By Amanda Olavarria
Everyone in the field of materials science and engineering has a distinct definition of what it means to study the subject, but for 3rd-year graduate student, Cain Hung it means the understanding of how to make one thing into another. He uniquely compared this concept to the idea of a legendary substance known as the philosopher’s stone, which can turn any base metal into gold.
Much like this alchemical substance, Cain Hung believes that the application of materials science and engineering can too have this transformative effect. Since materials science essentially explores how things are made, Cain found this field to be incredibly relevant and applicable.
In fact, the research he participated in as an undergraduate was what sparked his interest in an area of materials science known as additive manufacturing or 3D printing. “There is something great about being around a machine with the capability to create many possibilities,” he claimed in reference to the 3D printing machine. Cain found that the more he learned about these machines, the more he discovered what type of designs he could make with them. In opposition to the misconception that “one can make anything” he states that various factors go into the kinds of designs one can make including the type of material and machine.
When searching for a university to pursue his Ph.D. Cain’s primary interest was finding one with a specialization in 3D printing. After looking into Associate Professor Rainer Hebert’s group, which focuses on additive manufacturing, Cain was convinced to continue his education at UConn as a part of Hebert’s research group.
Currently, Cain works on a project called aluminum alloy development for additive manufacturing, in which he is tasked with figuring out which aluminum alloys can be printed and have useful properties. His research is especially important due to the recent push from industry for new alloys tailored for additive manufacturing.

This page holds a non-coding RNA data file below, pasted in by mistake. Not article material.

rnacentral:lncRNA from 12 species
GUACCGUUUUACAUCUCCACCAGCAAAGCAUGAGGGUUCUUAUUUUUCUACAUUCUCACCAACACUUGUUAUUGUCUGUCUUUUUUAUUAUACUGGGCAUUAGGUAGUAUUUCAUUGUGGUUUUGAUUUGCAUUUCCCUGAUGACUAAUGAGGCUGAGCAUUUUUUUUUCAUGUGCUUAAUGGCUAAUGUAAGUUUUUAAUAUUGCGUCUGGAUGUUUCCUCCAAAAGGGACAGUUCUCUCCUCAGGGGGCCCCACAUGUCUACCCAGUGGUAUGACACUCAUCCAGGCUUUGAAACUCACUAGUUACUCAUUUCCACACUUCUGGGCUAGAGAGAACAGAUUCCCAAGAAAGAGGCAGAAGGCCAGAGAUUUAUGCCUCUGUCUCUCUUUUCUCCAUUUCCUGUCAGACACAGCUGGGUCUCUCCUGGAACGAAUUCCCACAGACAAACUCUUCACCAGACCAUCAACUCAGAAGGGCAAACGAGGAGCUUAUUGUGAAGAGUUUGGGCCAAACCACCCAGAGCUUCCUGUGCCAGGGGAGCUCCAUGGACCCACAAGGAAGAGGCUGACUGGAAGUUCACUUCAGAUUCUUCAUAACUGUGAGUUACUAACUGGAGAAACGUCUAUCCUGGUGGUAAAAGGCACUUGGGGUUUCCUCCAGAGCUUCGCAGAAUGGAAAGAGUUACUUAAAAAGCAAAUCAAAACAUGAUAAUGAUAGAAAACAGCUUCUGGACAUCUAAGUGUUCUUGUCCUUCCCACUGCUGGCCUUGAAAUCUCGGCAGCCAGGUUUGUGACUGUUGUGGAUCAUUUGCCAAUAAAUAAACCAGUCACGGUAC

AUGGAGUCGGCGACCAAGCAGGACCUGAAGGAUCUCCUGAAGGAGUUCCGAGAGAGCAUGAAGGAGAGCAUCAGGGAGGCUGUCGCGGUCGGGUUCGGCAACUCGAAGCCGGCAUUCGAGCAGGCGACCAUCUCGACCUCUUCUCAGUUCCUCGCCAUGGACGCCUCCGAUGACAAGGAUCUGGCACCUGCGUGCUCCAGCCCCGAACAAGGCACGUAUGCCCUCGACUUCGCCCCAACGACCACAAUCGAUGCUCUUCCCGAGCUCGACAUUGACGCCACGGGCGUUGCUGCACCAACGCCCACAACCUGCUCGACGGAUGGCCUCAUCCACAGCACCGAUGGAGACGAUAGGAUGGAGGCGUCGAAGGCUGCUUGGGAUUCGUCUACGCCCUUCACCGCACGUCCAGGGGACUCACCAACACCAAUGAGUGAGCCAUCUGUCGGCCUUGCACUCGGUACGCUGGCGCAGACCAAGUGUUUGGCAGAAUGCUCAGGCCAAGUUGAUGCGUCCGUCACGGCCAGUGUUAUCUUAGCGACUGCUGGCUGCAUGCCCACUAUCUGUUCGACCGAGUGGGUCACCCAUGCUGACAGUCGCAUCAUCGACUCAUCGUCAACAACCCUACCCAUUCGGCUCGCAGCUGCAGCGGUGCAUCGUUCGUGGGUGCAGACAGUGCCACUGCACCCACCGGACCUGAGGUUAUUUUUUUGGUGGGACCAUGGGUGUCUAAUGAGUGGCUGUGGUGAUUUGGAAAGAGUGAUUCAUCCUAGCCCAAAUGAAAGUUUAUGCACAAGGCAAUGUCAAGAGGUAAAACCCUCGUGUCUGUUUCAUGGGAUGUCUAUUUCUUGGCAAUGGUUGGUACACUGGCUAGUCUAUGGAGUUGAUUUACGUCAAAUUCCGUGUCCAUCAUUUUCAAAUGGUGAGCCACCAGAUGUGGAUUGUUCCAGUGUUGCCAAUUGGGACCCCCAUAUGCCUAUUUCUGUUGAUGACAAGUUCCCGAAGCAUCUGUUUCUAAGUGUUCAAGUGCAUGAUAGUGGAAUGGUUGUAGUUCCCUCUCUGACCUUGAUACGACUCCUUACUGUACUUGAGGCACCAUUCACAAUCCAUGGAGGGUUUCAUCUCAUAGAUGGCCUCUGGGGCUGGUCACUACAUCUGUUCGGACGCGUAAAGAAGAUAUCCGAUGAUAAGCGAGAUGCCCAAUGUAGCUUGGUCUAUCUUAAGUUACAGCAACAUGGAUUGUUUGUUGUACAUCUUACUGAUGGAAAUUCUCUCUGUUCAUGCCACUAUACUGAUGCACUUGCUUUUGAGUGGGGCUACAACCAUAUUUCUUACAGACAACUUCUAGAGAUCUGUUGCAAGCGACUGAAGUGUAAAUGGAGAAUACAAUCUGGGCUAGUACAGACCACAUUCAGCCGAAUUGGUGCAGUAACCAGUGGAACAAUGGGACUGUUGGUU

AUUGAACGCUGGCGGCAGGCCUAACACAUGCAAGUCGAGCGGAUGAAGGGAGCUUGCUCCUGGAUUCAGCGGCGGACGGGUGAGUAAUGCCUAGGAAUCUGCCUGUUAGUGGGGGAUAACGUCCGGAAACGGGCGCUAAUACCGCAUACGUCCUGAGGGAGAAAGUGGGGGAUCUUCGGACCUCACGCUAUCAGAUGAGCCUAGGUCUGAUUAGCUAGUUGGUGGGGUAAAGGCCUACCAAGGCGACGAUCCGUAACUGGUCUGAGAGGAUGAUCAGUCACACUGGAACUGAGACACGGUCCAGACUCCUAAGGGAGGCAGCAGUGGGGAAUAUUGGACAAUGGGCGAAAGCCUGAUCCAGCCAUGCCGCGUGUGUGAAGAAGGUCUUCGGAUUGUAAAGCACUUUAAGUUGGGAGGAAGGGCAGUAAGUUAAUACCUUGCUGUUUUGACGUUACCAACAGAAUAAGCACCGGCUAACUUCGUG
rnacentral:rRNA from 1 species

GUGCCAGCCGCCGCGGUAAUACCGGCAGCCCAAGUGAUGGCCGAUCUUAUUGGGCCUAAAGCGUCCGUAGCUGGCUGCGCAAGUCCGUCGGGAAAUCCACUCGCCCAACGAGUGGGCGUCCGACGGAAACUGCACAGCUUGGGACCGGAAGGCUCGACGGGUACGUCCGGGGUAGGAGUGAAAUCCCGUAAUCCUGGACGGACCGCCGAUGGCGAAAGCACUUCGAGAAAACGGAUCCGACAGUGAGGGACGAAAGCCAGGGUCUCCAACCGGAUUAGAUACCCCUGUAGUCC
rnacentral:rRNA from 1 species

The MSE Department’s interconnectedness played a huge role in Cain’s success as a Ph.D. student and he believes it to be one of the department’s many assets. At UConn MSE, sharing expertise is encouraged between research groups and often assists in further developments in research. In Cain’s current project he works with the groups of Professor Alpay, Professor Aindow, and Assistant Professor Lee, which allows him to receive input from experts in advanced characterization techniques, computational materials science, and traditional metallurgy.
Along with the insight he has gained from working with several research groups; Cain has also received excellent support from his advisor, Professor Hebert. He has helped Cain in pointing out valuable resources, showing him the best research books to utilize, and assisting him with any questions he may have.
His advisor said, “Cain’s creativeness and talent combining computational approaches and experimental work has helped the research team to make good progress. He guides undergraduate students in their own research projects, which enhances his own educational experience. With a research topic that is firmly anchored in decades of metallurgical relevance, yet is directed toward cutting edge manufacturing technologies, Cain is on an excellent trajectory to become a research leader in industry in the near future.”
The nature of the research project Cain is currently working on requires that he gives frequent talks to companies about his research progress. By doing this, he has gained knowledge on how to present his research effectively. “I have come to learn how to present my research in an understandable way, making sure to emphasize certain aspects depending on the audience,” he explained. Ultimately, Cain hopes to utilize the skills he has acquired in both his undergraduate and graduate years to pursue a career in research and development within the industry.